JoMA Contents

« Still dreaming of Hawaii... | Main | The Sunday Poem »

September 17, 2006


And, of course, there is N. Scott Momaday's In the Bear's House with the wonderful conversations between Yahweh and Urset. One of my favorites is the chapter where Urset asks Yahweh for a prayer--a lovely thing that starts "I pray that you are kept safe throughout this day, that you live as wholly as you can..."

As I am so new to this blog format I am not sure if this is the place, but I want to thank Terri and all the Endicott folks for this site--It led me to Wiscon this spring, and through that to conversations with Catherine Crowe, Erzebet and others that are still buzzing through my life. It gave me the chance to share some of the art/hats/charms I have been working on (thanks to Veronica for her enthusiasm)and the realization that there is a larger community of folks for whom the magic of the world is expressed through story and art is a powerful experience of recognition and joy. The introduction to new authors and artists is exciting and expansive. I particularly love the Sunday poem, and a few weeks ago laughed when I saw Helen Klebesadel's spiral tree painting--she is a client and teacher of mine, and I am lucky enough to have one of her tree spirals in my bodywork room.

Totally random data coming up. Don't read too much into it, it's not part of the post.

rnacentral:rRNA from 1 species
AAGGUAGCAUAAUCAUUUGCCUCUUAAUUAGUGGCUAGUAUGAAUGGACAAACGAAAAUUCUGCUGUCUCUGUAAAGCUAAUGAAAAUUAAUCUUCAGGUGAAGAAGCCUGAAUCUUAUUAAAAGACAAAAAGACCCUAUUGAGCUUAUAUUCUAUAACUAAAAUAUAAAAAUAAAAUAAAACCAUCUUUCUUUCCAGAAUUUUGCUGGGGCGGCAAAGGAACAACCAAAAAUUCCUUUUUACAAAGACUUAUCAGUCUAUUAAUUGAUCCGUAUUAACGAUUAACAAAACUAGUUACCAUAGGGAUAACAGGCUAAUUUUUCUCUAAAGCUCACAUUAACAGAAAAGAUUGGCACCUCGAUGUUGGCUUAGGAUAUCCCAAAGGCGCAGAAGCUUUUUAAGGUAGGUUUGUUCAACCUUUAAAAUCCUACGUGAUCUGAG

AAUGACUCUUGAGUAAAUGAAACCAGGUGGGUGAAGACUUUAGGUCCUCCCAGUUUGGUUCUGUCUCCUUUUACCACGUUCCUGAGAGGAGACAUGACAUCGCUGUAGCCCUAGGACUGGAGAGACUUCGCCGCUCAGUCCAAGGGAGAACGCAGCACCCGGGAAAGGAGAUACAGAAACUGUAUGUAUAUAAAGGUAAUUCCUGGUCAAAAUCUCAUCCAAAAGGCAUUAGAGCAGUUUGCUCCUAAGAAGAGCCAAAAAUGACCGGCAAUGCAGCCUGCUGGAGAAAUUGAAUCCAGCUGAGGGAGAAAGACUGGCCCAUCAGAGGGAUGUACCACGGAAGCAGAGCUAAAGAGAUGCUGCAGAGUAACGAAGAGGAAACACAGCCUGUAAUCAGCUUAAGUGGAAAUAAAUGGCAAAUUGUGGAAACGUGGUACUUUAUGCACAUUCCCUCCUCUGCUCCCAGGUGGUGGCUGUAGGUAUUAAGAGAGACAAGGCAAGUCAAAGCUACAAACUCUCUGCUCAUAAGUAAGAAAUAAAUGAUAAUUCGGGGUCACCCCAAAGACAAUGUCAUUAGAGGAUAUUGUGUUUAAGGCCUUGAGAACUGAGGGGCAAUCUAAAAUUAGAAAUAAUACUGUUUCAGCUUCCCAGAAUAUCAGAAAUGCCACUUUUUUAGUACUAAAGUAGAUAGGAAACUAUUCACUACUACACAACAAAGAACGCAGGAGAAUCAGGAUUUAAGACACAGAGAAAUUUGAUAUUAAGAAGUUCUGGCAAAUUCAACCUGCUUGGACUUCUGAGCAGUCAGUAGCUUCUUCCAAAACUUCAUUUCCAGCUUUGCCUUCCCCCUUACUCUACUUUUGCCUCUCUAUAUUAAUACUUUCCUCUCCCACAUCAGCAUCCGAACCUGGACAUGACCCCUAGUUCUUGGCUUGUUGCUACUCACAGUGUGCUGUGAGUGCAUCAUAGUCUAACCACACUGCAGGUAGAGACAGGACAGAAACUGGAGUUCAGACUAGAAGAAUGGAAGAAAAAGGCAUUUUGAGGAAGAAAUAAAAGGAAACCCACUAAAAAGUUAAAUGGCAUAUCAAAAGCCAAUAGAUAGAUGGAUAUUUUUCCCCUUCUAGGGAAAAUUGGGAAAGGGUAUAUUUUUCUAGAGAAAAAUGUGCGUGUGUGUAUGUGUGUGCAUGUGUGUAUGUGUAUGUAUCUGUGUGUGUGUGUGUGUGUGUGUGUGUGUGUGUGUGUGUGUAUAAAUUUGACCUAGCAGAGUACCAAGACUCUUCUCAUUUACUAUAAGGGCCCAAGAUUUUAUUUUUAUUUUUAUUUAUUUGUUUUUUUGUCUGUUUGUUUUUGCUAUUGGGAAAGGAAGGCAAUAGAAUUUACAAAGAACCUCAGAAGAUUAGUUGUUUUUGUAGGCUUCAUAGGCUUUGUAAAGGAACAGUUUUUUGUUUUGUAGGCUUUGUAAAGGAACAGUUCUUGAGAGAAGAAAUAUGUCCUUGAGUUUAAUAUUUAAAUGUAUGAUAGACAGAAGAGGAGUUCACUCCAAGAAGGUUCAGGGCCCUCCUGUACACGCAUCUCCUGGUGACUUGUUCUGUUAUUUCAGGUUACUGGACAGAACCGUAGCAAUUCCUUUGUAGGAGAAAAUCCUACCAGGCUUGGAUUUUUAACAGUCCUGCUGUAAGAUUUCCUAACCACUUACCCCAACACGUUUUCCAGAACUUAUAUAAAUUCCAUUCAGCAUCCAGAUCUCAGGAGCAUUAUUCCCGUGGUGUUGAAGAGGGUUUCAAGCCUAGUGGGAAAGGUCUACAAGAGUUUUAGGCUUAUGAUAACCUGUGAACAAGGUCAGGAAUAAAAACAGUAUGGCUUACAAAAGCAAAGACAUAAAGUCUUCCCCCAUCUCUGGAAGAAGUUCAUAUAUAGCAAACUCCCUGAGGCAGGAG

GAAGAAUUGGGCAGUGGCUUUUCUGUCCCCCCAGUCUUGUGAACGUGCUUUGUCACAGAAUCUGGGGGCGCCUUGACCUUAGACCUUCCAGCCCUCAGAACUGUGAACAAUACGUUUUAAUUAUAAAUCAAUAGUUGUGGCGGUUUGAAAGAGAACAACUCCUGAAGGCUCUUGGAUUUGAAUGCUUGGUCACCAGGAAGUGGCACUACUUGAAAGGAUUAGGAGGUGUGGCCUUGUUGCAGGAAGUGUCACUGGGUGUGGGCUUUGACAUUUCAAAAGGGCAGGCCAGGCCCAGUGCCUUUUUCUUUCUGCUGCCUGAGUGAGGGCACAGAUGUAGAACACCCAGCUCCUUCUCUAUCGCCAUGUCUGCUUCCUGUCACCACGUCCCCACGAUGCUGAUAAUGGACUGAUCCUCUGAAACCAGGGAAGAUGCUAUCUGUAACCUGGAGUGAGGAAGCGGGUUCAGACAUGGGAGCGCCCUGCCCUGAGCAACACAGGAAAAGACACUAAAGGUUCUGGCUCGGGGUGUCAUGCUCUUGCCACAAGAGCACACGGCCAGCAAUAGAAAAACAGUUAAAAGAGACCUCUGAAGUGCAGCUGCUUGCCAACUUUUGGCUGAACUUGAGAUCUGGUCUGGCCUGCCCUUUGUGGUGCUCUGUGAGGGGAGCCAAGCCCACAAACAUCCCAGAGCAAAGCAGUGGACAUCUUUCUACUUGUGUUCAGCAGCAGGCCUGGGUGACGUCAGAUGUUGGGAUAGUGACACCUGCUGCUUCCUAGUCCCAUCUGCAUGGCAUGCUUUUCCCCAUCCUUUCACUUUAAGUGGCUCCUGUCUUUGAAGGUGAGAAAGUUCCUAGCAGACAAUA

I sincerely thank you for your work, my world opens and my life becomes bigger because of it.

Devony,if you have a website, please feel free to post the URL here. In fact, we encourage all our readers to let people know about their mythic art by posting URLs to websites featuring their work here in the "comments" section of this blog.

The comments to this entry are closed.

About this blog

  • The Journal of Mythic Arts was a pioneering online magazine dedicated to Mythic Arts: literary, visual, and performance arts inspired by myth, folklore, and fairy tales. Published by The Endicott Studio, co-edited by Terri Windling & Midori Snyder, JoMA ran from 1997 to 2008.

    This blog was active from 2006 - 2008, and is kept online as an archive only. Please note that no new material has been posted since 2008, and links have not been updated.

    For more recent discussions of Mythic Arts, fantasy literature, and related topics, visit Terri Windling's Myth & Moor and Midori Snyder's Into the Labyrinth.

Where you'll find us now

  • Visit The Endicott Studio website here, and our news blog here.

    Visit Terri Windling's Studio here.